While I didn’t intend to target apparel-related retail stocks, Gurufocus.com’s screener identified the most vulnerable names. Unfortunately, the apparel sector presents significant concerns. For instance, Abercrombie & Fitch (NYSE:ANF) may have provided prior generations with compelling threads. Today, ANF struggles badly, with its share price down over 50% YTD.
To be completely transparent, ANF did gain almost 12% in the trailing month, which is certainly not nothing. However, I fail to see how this will fundamentally change the bearish trajectory. Per Gurufocus.com, ANF brings a possible value trap to the table. Again, it’s not surprising. With so many similar brands competing for the same shrinking pie, the narrative will likely only get more difficult.
While I wouldn’t characterize Abercrombie & Fitch as a bankruptcy risk – it does have decent (though not great) strengths in the balance sheet – its forward projection raises questions. Currently, the company’s three-year revenue growth rate stands at 4.5%, slightly better than average.
However, in its July 2022 quarter, ANF posted revenue that slipped 7% YOY. As well, it posted a net loss rather than net income like in the year-ago quarter. Thus, ANF is one of the retail stocks to avoid.
At the first mention of Carvana (NYSE:CVNA), the bearish argument almost speaks for itself. Involved in the auto sales business, Carvana suffered from both skyrocketing inflation and more recently, skyrocketing interest rates. Either way, these two monetary forces imposed significant pressure on the underlying business. It’s another one of the top retail stocks to sell
Still, I’m not entirely negative about auto-sales-related retail stocks because of fundamental demand. With the average age of vehicles on U.S. roadways hitting a record 12.2 years, it makes sense for many households to replace their cars rather than to repair a money pit. However, CVNA specifically raises serious questions.
For one thing, shares slipped over 94% on a YTD basis – yes, you read that right. Financially, Gurufocus.com rates Carvana unsurprisingly as a possible value trap. The problem is that while demand for transportation may be somewhat inelastic, the mechanism to purchase it is not.
Stated differently, why should anyone deal with the higher prices (associated with greater conveniences) of Carvana when they can go directly to a brick-and-mortar dealership for a better offering?
Topgolf Callaway Brands (MODG)
According to its corporate profile, Topgolf Callaway Brands (NYSE:MODG) is an American global sports equipment manufacturing company that designs, manufactures, markets, and sells golf equipment. On some levels, golf-related retail stocks present an attractive case. That’s because lots of rich folks golf – it’s what they do for some reason.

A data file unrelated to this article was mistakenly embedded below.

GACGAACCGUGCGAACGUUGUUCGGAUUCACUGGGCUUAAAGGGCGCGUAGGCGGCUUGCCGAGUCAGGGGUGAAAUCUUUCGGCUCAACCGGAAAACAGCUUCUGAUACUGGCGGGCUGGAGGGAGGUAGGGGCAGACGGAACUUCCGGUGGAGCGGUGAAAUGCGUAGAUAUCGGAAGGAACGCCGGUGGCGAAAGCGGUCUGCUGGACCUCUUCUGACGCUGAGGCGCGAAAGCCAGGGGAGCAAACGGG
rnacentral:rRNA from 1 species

Unfortunately, this stereotype did not pan out for MODG stock so far this year. Since the January opener, Topgolf Callaway shares fell 38%. That’s not too terrible considering some of the awful retail stocks mentioned above. However, in the trailing month, MODG lost over 10% of its equity value, reflecting both longer-term and nearer-term bearishness.
Financially, Gurufocus.com warns that Topgolf Callaway may be a possible value trap. It’s difficult to argue otherwise. Sure, right now, the company prints strong three-year revenue-related performance metrics. And even in Q2 of this year, Topgolf posted strong results on the top and bottom lines.
But with economic trends moving in the wrong direction, such sales and earnings growth may no longer be predictable. MODG is one of the top retail stocks to sell.
Peloton Interactive (PTON)
Once the toast of Wall Street during the worst of the Covid-19 pandemic, Peloton Interactive (NASDAQ:PTON) enabled people to stay fit while in quarantine. As several scientific resources pointed out, many people gained unwanted weight during the global health crisis. Those that didn’t – or even lost weight – may have been Peloton customers.
However, with the fading of the crisis, the narrative undergirding PTON and related retail stocks lost its sheen. As a result, since the start of this year, PTON hemorrhaged a worrying 80% of its equity value. As well, in the trailing month, shares slipped nearly 15%. No matter what, the underlying company can’t catch a break, which presents one reason to avoid it.
The other? At this point, the financial situation for Peloton raises many fears. Per Gurufocus.com, PTON may be a value trap. Sadly, it’s hard to see how management can work its way out of the hole. For instance, Peloton’s Altman Z-Score is 1.8 below parity, reflecting a fiscally distressed business.
Additionally, it features negative profit margins and sharply reduced revenue based on its latest quarterly report. With such a messy situation, it’s best to avoid Peloton. It’s also top on the list of retail stocks to sell.
On the date of publication, Josh Enomoto did not have (either directly or indirectly) any positions in the securities mentioned in this article. The opinions expressed in this article are those of the writer, subject to the InvestorPlace.com Publishing Guidelines.